The current format of the Totem Books Introducing series has attractively stylized black covers, which I think are far nicer than the original printings with their cartoonish drawings and yellow logo. Twelve titles are now being reprinted in a brand-new, pocket-sized format, with far less original and interesting covers, which I hope won't become the standard from now on.
As for the content, it naturally varies by writer and artist. Usually, the books dealing with people are better than the ones dealing with theories and concepts, which often betray the writer's own theoretical slant. The most successful book in the series, and my personal favorite, is Introducing Kafka, written by David Zane Mairowitz and illustrated by Robert Crumb. It includes comic adaptations of some of Kafka's most famous short works (Metamorphosis, A Hunger Artist, In the Penal Colony, and The Judgment) as well as brief sketches of his three novels. The popularity of Crumb's unique rendition of Kafka's works led to additional printings under the title R. Crumb's Kafka, which I think is a little unfair since Mairowitz did a great job on the book as well. (The latest edition, published by Fanatagraphics Books and named simply Kafka, gives Mairowitz equal credit, though his name is listed after Crumb's.)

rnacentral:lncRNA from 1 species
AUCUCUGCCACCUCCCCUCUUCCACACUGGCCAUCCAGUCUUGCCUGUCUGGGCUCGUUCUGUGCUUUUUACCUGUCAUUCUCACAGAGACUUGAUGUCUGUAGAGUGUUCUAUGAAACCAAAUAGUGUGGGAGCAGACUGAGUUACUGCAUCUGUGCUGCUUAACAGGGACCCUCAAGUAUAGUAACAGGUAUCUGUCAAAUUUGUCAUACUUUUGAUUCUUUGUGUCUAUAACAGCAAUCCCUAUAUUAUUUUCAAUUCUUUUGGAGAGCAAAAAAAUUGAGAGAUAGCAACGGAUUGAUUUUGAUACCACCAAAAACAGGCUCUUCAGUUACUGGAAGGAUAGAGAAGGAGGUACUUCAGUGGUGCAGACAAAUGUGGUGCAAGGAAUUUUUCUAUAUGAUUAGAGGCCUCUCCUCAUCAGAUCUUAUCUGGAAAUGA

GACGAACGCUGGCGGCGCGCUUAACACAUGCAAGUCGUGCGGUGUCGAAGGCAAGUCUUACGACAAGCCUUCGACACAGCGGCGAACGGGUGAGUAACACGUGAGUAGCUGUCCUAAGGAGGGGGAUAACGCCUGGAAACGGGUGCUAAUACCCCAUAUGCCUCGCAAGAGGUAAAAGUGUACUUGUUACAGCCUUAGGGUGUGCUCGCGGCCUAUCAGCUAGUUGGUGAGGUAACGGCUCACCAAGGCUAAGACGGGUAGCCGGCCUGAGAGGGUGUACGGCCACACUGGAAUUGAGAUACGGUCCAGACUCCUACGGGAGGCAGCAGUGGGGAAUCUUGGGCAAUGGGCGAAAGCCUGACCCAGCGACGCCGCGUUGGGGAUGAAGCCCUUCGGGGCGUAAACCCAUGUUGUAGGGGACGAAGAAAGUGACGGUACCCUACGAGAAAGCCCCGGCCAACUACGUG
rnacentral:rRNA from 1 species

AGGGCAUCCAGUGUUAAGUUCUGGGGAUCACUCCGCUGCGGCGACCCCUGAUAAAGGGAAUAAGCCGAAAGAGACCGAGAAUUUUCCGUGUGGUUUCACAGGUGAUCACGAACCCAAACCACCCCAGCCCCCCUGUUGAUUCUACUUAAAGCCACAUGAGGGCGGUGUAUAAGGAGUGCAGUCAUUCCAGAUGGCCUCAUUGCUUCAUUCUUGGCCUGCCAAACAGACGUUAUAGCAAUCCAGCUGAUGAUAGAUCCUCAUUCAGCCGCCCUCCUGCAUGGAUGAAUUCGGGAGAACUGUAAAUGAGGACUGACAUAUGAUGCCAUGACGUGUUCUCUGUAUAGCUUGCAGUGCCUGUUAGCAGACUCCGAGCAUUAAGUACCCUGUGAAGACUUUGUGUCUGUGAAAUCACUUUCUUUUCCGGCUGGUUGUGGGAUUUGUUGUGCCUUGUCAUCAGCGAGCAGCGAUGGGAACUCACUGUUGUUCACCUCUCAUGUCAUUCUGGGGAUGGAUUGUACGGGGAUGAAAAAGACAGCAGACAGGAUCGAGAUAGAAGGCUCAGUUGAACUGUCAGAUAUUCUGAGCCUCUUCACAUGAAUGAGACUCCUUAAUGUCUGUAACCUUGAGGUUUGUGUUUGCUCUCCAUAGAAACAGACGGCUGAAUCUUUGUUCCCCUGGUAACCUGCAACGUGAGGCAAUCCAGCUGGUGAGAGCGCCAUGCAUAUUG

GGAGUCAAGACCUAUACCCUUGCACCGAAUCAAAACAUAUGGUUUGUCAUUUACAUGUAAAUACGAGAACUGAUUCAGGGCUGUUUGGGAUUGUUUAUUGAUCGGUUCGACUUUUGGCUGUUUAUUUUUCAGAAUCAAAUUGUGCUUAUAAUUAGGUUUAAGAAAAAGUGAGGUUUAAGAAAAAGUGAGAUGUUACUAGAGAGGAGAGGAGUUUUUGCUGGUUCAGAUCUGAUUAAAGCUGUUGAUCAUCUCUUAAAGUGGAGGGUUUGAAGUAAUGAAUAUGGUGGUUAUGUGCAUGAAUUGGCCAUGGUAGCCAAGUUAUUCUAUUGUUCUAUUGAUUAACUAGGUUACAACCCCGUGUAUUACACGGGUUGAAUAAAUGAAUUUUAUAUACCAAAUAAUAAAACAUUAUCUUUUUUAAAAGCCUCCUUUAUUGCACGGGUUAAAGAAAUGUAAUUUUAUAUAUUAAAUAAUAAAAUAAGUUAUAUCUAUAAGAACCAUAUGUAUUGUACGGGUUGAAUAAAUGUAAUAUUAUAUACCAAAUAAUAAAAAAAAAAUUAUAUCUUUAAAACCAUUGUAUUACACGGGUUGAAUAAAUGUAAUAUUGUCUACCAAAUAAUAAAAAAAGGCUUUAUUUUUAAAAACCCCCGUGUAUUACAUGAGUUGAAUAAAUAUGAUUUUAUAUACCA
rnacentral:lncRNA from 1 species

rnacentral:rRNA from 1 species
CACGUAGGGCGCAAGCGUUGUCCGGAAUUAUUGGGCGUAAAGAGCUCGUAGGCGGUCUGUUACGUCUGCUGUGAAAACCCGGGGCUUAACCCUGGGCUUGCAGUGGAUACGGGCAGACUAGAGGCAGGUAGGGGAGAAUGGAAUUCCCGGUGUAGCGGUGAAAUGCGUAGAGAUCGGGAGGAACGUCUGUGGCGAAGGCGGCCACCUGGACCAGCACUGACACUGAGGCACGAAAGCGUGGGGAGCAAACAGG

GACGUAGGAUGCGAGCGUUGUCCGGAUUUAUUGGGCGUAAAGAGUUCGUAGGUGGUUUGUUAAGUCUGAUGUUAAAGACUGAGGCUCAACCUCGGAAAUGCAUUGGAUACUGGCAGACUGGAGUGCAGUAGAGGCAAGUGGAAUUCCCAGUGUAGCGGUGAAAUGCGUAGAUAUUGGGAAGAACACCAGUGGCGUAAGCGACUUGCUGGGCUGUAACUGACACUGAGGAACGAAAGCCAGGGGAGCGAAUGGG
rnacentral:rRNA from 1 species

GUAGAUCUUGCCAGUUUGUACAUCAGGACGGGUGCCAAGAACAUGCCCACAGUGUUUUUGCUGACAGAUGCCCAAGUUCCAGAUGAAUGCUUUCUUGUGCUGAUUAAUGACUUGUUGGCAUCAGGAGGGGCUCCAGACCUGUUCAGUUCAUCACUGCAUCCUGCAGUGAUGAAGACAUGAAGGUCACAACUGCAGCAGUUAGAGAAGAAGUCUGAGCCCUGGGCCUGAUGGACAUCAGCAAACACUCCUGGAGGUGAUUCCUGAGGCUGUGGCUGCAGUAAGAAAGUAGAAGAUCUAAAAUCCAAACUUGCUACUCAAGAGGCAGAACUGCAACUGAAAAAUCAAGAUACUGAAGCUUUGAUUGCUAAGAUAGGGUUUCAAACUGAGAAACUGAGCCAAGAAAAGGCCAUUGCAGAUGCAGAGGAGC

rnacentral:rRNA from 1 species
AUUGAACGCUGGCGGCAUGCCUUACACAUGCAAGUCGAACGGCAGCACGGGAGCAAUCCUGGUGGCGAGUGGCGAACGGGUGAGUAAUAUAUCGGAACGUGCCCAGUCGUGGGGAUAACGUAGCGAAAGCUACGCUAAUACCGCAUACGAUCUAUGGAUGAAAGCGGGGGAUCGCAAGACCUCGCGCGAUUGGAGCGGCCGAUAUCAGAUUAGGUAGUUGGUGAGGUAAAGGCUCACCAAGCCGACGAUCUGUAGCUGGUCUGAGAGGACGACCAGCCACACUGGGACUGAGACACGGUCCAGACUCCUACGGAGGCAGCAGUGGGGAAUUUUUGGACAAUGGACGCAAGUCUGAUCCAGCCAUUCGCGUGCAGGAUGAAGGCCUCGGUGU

Introducing Camus, also by Mairowitz, is quite good, as are the books dedicated to Friedrich Nietzsche, Zigmund Freud, Roland Barthes, Jean-Paul Sartre, Walter Benjamin, Carl Jung, and the Marquis De Sade, which offer a good combination of brief biography and general overview of their major works and ideas. Introducing Joyce is particularly successful in giving readers an idea of what the Irish writer was trying to accomplish in his work, as well as encouraging them to explore more of his work. The books on Shakespeare and Picasso are less successful, the former getting lost in the biography without saying much about the works, and the latter focusing too much on deconstructing the myth of the genius artist.
I found that the books dedicated to concepts are usually better when dealing with subjects I know nothing about, which I guess is exactly the way it should be; I shouldn't criticize an introductory book on a topic I am familiar with for not going into more detail about things I already know about. Nevertheless, I think Introducing Media Studies is far too simplistic, and Introducing Critical Theory, though comprehensive and well-written, is tinted by the author's Marxist leanings. The books on Evolutionary Psychology and Ecology, however, are quite good.
The book on Hegel, so far, seems to be unbalanced, focusing too much on his friends and predecessors. I am, however, looking forward to reading the books on Foucault, Derrida, and Lacan. The Introducing series has a brand new blog where you can read a full book from the series electronically. They are planning to offer a new book every month; this month, it's Introducing Romanticism by Duncan Heath and Judy Boreham.